How To Integrate New Technologies With Your Brand



Campaigns are going high tech. What was once the domain of gaming companies and risk-taking brands is now becoming more commonplace. Today, organizations are leveraging cutting-edge technologies online and in real life to stand out from the crowd.

We’re entering an age where the length of time between when a technology that is considered cutting edge becomes commercially affordable is shorter than ever. Smart organizations are getting savvy and jumping in just as these technologies catch on.

If you’re interested in emerging tech, how do you get started with leveraging it for your brand?

Where to Find Out About Emerging Tech

The most important thing you need to do is research (unless you are lucky enough to have a very tech-savvy team or a creative technologist on payroll). But, where do you even find out about emerging technology?

  • Tech Blogs: Sites like Gizmodo, Boy Genius Report and GDGT report regularly on new technology. You can easily add these sites to your RSS reader or check them once per day.
  • Engineering Blogs/Science Blogs: Sites like Popular Mechanics and Popular Science do a great job of breaking down how technologies work for lay people and can help you understand new technologies and be able to explain these technologies to executives and clients.
  • Future Forward Magazines: Sites like FastCompany and Wired often discuss new technologies in depth and make it easy for you to connect with the journalists behind the stories, and even the companies themselves directly.

What to Do When You Find a Technology You Like

If you find a technology you like, there are some basic questions you need to answer before you proceed:

  1. Goal: How does this technology enhance your marketing goal? It can’t be all about the gimmick – how does this technology further the story you’re trying to tell?
  2. Availability: Is this technology something you can get in ample-enough supply when you need it for your activation? If something needs to be built, don’t count on it. Does this technology require security personnel to monitor it?
  3. Ease: Can everyday people understand it? Can consumers understand the technology enough to have a positive experience from using it? Is it easy enough to use that many people can use it in an hour? Make sure you have these answers.
  4. Lead Time: How much time does the provider need to satisfy the demands of your project? If it’s going to be a tight turnaround, it might not be a good idea.
  5. Cost to Customize: You will likely want as much customization as you can muster – what’s the cost of doing this? Does it add a lot of incremental time to your project lead time?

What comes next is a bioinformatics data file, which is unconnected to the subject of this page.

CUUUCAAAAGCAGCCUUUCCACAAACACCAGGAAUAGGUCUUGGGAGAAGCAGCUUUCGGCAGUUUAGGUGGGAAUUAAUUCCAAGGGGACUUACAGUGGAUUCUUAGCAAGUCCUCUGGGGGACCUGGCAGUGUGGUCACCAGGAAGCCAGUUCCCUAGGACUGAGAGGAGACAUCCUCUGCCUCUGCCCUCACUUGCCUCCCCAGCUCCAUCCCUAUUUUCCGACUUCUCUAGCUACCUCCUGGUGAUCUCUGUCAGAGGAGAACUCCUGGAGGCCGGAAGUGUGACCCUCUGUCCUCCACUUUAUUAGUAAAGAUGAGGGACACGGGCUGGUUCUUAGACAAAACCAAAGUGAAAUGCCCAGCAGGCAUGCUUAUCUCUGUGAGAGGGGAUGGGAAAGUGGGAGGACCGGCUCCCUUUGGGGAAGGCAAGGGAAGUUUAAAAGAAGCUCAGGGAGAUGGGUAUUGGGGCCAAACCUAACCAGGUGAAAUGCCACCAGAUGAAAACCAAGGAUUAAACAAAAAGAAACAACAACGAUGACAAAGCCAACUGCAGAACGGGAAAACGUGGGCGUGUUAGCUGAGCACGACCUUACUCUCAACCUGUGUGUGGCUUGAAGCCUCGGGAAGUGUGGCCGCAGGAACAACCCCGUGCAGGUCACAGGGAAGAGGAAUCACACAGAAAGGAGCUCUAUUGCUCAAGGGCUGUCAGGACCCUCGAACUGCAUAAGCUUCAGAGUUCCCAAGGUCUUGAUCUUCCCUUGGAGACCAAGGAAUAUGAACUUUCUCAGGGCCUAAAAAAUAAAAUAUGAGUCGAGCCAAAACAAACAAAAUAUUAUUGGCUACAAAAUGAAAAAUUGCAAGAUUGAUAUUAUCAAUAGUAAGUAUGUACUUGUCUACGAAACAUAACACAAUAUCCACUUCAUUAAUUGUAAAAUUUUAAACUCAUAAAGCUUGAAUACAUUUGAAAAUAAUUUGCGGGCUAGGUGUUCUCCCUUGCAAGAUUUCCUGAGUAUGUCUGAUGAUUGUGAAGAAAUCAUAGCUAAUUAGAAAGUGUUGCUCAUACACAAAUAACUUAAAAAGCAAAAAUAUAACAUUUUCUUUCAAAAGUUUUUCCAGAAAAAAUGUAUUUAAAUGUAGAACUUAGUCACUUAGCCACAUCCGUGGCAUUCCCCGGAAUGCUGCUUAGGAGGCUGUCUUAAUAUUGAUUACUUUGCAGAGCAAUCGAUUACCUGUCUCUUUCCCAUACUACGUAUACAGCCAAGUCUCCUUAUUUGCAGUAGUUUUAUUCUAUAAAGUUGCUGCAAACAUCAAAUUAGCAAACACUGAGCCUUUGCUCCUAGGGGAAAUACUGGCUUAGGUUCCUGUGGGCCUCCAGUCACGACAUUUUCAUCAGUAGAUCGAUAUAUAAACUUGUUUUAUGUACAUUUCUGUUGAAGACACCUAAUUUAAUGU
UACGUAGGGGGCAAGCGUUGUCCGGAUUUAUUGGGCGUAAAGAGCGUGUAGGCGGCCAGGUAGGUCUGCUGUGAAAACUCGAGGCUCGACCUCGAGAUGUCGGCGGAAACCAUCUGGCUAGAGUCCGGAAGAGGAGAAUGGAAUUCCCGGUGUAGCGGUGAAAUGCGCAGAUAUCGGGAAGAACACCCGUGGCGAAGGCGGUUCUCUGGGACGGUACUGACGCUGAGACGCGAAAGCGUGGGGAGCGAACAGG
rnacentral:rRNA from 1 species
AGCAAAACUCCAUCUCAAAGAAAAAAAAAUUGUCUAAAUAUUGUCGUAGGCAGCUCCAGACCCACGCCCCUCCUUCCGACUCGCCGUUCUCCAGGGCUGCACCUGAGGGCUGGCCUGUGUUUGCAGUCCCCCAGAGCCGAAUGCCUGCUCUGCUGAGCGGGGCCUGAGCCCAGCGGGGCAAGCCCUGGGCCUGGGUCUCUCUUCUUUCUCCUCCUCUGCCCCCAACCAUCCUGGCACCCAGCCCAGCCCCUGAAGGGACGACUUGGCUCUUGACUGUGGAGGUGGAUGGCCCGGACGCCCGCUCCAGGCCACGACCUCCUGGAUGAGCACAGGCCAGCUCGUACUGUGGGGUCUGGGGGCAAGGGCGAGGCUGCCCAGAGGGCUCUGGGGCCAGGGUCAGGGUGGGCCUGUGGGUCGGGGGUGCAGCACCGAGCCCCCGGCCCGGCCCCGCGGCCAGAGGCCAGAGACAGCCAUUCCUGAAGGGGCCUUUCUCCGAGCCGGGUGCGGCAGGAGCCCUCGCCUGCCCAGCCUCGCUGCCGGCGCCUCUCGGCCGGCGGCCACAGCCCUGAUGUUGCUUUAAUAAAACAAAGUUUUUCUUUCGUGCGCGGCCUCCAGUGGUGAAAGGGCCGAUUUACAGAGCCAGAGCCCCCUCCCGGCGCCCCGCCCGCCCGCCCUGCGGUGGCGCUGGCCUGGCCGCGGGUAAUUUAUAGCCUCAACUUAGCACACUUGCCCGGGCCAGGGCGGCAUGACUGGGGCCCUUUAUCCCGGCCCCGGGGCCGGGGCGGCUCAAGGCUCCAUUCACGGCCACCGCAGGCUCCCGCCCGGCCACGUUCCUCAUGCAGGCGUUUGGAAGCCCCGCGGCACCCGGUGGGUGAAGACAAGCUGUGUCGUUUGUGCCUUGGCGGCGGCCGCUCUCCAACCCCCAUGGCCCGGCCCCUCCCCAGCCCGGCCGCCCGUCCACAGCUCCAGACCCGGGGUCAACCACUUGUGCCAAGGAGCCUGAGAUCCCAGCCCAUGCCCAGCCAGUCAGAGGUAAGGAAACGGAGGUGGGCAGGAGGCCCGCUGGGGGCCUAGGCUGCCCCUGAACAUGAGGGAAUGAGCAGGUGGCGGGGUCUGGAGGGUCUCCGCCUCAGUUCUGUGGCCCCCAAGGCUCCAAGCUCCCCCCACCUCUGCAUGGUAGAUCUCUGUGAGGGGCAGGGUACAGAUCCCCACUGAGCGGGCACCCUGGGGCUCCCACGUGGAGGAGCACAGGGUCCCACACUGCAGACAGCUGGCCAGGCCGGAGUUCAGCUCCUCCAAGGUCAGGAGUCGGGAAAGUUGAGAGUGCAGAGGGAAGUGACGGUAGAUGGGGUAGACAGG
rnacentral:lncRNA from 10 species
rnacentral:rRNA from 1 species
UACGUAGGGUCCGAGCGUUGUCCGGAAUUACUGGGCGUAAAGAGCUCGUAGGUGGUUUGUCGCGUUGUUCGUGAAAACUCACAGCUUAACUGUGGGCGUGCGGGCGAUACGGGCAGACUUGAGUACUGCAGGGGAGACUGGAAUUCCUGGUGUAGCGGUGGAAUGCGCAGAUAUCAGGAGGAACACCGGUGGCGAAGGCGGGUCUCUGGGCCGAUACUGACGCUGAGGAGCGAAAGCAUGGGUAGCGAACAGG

You should also consider what your contingency plan is if something goes wrong with your new technology along the way (for instance, if the technology company gets bought and shuts down open projects).

Before You Get In Touch: Put Together a Plan

Before you reach out to a technology company, make sure you’ve thought through all of the logistics of your activation. Get it down on paper with timelines and a budget. This will save everyone time and money going forward. Take this opportunity to involve IT people and staff members who need to vet new technologies.

Getting in Touch

Don’t use the info@ company email address. This is likely not staffed, and you run the risk of never getting an answer. If you aren’t able to find contact information for a human being, research the marketing, PR or sales person who can help sell in your idea. If you can’t find that person, look for a V-level person listed anywhere and reach out to them.

Be Clear About Your Plan

It’s important to make sure you’re 100% honest with a technology firm on needs, timelines, and budget. If there are any pieces that feel unanswered, be proactive and make sure you have your needs met.

Doing the Deal

Do not assume that because a company is new they will be willing to work for free. People incorrectly make this assumption about start ups all the time, and the truth is that many start ups are under pressure to bring in cash to soothe investors.

Promoting the Tech

Creating high tech activations gives you the benefit of promoting two stories: the promotion itself, and the technology behind it. Do not forget this when pursuing PR opportunities. You can sometimes realize cost savings by agreeing to promote the technology. Make this part of your negotiation. Don’t forget to film behind-the-scenes.

Technology can be an exciting way to get your organization noticed and to deliver a brand-new experience to your customers. It just takes planning and perseverance to get started.


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